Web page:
4 min read
When I first started at my current company, there was no SEO strategy to speak of. Coming in as a new member of the team, I inherited a pretty big hill to climb: a recent agency-led website redesign had inadvertently tanked our search rankings and lost more than 80% of our site traffic from organic search. Although my team was in the process of building what would become an amazing marketing and lead generation machine, there were not any dedicated SEO resources. That's where I came in.
So how does one go from having essentially no search presence to having the majority of traffic and more than half your monthly lead generation come from organic?
By following some basic tenets of SEO: creating quality content on topics relevant to your business and your prospective customers.
Following the basics below, we went from having only 5 relevant, non-branded keywords ranking on page one of Google Search to 219 in just two years.
Define What's Important
Where I've seen a lot of companies struggle is defining what topics and concepts, and therefore keywords, they want to be found for online. But this is a crucial first step in planning your strategy.
What sorts of things are your potential customers searching when they're trying to solve the problem your product/service helps with? Go beyond just product or competitor related terms and expand your thinking to cover related topics. With anything you choose, consider whether you have a "right to win" that keyword. In other words, can you speak authoritatively and credibly about the topic?
Something that can help prioritize which keywords to tackle first is monthly search volume. There are online tools to help you assess this, including Google AdWords Keyword Planner. Keywords with a ton of volume tend to be the most competitive, while longer-tail, lower-volume keywords can be easier to win. Remember that, even if a highly relevant keyword has low traffic, the handful of people who are searching for that term could be the exact right fit for you.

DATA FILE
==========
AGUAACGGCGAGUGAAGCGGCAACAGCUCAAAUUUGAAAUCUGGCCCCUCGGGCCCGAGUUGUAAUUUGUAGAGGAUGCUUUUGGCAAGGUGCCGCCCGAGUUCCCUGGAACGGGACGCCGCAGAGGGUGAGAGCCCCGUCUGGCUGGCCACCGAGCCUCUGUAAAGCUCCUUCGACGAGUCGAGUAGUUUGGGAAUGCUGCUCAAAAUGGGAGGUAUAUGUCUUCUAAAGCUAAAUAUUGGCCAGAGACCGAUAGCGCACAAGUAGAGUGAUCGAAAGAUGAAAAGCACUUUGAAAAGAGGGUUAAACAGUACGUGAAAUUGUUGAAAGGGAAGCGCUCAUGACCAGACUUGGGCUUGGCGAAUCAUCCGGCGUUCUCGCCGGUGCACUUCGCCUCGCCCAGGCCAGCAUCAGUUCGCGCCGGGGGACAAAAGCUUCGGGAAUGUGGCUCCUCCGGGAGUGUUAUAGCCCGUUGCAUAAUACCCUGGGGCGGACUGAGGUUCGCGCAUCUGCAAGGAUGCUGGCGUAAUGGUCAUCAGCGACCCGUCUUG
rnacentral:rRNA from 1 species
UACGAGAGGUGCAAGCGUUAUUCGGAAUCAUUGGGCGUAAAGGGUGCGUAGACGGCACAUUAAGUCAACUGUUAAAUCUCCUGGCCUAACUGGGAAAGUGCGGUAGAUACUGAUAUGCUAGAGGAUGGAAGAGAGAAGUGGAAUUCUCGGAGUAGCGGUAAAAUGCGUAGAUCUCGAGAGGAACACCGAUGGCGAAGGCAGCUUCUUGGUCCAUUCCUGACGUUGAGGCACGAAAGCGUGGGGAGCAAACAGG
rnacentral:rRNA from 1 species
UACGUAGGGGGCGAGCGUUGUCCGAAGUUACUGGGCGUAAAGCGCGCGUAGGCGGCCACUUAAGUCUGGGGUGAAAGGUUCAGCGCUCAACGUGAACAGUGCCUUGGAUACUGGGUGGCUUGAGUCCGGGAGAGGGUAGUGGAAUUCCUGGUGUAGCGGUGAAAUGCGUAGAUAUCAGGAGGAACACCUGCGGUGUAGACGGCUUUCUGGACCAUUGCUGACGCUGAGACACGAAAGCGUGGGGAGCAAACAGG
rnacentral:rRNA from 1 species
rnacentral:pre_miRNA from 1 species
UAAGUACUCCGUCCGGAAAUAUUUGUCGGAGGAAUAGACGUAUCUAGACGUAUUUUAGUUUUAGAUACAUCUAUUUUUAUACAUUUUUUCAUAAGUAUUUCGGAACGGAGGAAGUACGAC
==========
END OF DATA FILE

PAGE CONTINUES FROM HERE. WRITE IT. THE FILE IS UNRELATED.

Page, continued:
Consider using a keyword tracking tool, like Moz or BrightEdge, to monitor your progress against target keywords.
Once we settled on a core set of keywords, we got to work. And we kept re-evaluating as we went, adjusting target keywords as our business evolved.
Write It, Baby!
The single most important thing you can to do to improve SEO is to dedicate a resource to writing. This doesn't have to be full-time person, as was my company's case at the beginning (although now we have one full-time copywriter, and I still contribute to the writing).
Google's ranking algorithm uses hundreds of different criteria, but we know that quality, comprehensive content is what they like to see. That's why high-quality writing matters. Keep in mind that simply writing an article with the exact keyword appear a certain number of times isn't going to do the trick – plus, exact match isn't nearly as important today as it was at the dawn of search engines. Just focus on writing helpful content for your audience that includes variations of your target keywords. Usually the words will emerge naturally in the content.
Sound like a lot of work? Don't forget about re-purposing content you create to get the most bang for your buck.
We started churning out 2-3 blogs each week targeted to our keywords, developing topic landing pages, and revising homepage and product pages to contribute to better rankings.
Get Your Technical House in Order
High-quality, comprehensive content will take you far. But there will be an upper limit on your SEO success unless your site is 1) secure, i.e. SSL encryption or https, and 2) mobile-friendly.
Google considers site security to be so important, it's widely believed to be a key ranking factor. Especially if you are using forms to capture any sort of lead gen info, it's critical to prioritize taking your site secure.
In addition, Google is in the process of rolling out mobile-first indexing, indicating more than ever that mobile-friendliness is crucially important.
There are other elements of technical SEO to consider, especially site speed, but that could be a whole other post!
With the site redesign that happened before I arrived, the site had been converted to https, and had been built responsively so mobile-friendliness was by and large taken care of. With each subsequent site update we performed, we've done mobile and cross-browser testing to ensure mobile-friendliness.
Track and Measure
What good is all this work if you can't prove how effective it is? Here are some metrics you can use to track your progress month to month:
Number of keywords ranking on page one of Google Search
Percent of site traffic from organic search
Majestic TrustFlow and CitationFlow (again, could be a whole other post)
Leads captured through the website
Ranking of particular high-value keywords
There are a ton of metrics out there, but the ones above are a good start.
In our case, pver a two-year period we increased our overall number of relevant, non-branded terms ranking by more than 40X, and we got our percent of site traffic from organic search from 5% to 63%. In the first year, we increased leads generated through the website 5X.
The bottom line? Consistent focus on creating high-quality, useful, relevant content on your website pays off.